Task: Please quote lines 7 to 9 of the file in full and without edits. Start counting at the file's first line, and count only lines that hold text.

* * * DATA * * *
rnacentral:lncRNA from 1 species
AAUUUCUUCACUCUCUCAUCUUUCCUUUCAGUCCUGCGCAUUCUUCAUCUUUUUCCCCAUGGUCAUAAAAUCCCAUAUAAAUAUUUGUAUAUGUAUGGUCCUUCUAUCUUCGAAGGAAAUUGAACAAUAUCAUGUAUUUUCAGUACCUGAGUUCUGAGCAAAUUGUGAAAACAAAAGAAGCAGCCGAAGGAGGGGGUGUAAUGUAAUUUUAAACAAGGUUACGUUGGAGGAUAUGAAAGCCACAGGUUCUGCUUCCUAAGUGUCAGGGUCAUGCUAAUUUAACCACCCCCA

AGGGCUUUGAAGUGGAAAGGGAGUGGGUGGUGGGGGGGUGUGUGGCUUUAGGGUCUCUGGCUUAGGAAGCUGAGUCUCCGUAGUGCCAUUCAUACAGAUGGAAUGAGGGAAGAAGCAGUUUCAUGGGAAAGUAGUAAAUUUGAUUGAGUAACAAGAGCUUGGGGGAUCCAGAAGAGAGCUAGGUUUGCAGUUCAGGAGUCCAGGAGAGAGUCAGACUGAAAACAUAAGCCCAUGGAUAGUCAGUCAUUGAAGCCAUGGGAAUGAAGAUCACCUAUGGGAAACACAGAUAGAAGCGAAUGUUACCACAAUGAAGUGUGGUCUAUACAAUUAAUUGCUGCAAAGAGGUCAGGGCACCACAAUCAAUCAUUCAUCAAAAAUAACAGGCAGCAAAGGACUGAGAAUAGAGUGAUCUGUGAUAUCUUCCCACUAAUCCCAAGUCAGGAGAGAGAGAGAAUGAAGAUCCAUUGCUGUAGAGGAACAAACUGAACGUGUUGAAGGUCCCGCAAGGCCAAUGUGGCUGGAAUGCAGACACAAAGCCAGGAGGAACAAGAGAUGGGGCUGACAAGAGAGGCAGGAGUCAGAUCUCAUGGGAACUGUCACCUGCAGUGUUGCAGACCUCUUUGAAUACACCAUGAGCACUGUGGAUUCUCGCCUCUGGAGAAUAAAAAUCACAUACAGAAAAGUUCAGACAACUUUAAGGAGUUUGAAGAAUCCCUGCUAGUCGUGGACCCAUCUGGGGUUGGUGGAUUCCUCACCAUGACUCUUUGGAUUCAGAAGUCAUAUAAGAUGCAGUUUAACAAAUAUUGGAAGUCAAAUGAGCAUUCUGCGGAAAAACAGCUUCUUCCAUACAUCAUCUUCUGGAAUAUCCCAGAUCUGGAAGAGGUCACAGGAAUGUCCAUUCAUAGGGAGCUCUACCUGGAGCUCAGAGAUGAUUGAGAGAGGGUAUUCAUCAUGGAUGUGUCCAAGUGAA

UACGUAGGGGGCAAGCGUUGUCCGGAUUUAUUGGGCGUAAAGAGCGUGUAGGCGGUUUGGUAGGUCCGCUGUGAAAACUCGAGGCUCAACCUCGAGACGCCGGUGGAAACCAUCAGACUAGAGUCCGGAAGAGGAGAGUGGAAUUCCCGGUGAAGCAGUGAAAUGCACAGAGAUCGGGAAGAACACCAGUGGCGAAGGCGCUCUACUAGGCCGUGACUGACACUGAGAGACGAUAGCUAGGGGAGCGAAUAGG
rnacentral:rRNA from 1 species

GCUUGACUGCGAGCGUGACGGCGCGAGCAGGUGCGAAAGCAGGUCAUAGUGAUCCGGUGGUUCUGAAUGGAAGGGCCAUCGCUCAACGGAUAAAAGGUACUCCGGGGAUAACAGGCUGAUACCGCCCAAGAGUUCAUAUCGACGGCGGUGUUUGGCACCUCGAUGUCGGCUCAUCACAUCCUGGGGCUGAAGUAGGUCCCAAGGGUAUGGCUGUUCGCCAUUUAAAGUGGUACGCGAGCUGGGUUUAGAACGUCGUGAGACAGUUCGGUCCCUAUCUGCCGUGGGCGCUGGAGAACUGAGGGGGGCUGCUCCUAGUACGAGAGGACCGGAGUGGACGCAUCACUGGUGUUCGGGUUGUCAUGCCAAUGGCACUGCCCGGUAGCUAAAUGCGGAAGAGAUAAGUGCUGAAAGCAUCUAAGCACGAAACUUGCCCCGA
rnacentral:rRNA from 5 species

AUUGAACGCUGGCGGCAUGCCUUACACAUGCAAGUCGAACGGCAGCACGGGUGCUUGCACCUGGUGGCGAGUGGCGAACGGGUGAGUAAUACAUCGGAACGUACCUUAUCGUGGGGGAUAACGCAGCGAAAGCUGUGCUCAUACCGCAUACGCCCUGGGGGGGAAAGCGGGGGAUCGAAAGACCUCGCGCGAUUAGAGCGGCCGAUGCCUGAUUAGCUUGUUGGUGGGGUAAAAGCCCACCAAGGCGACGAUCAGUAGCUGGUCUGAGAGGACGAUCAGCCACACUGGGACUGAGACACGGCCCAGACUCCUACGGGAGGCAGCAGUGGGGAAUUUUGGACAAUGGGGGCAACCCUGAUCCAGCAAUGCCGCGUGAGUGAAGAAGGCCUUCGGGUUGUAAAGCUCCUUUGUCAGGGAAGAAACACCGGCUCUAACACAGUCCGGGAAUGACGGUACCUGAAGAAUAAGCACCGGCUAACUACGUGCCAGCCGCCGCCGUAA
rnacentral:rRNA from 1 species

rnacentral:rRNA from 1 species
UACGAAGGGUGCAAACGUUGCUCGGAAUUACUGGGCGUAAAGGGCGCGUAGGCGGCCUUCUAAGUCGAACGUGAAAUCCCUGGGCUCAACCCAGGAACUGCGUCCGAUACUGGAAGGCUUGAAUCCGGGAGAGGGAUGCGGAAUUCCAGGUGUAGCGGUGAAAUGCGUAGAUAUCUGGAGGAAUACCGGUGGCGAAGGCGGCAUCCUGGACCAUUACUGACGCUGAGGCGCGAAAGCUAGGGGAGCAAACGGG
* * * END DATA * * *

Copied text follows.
rnacentral:rRNA from 5 species

AUUGAACGCUGGCGGCAUGCCUUACACAUGCAAGUCGAACGGCAGCACGGGUGCUUGCACCUGGUGGCGAGUGGCGAACGGGUGAGUAAUACAUCGGAACGUACCUUAUCGUGGGGGAUAACGCAGCGAAAGCUGUGCUCAUACCGCAUACGCCCUGGGGGGGAAAGCGGGGGAUCGAAAGACCUCGCGCGAUUAGAGCGGCCGAUGCCUGAUUAGCUUGUUGGUGGGGUAAAAGCCCACCAAGGCGACGAUCAGUAGCUGGUCUGAGAGGACGAUCAGCCACACUGGGACUGAGACACGGCCCAGACUCCUACGGGAGGCAGCAGUGGGGAAUUUUGGACAAUGGGGGCAACCCUGAUCCAGCAAUGCCGCGUGAGUGAAGAAGGCCUUCGGGUUGUAAAGCUCCUUUGUCAGGGAAGAAACACCGGCUCUAACACAGUCCGGGAAUGACGGUACCUGAAGAAUAAGCACCGGCUAACUACGUGCCAGCCGCCGCCGUAA
rnacentral:rRNA from 1 species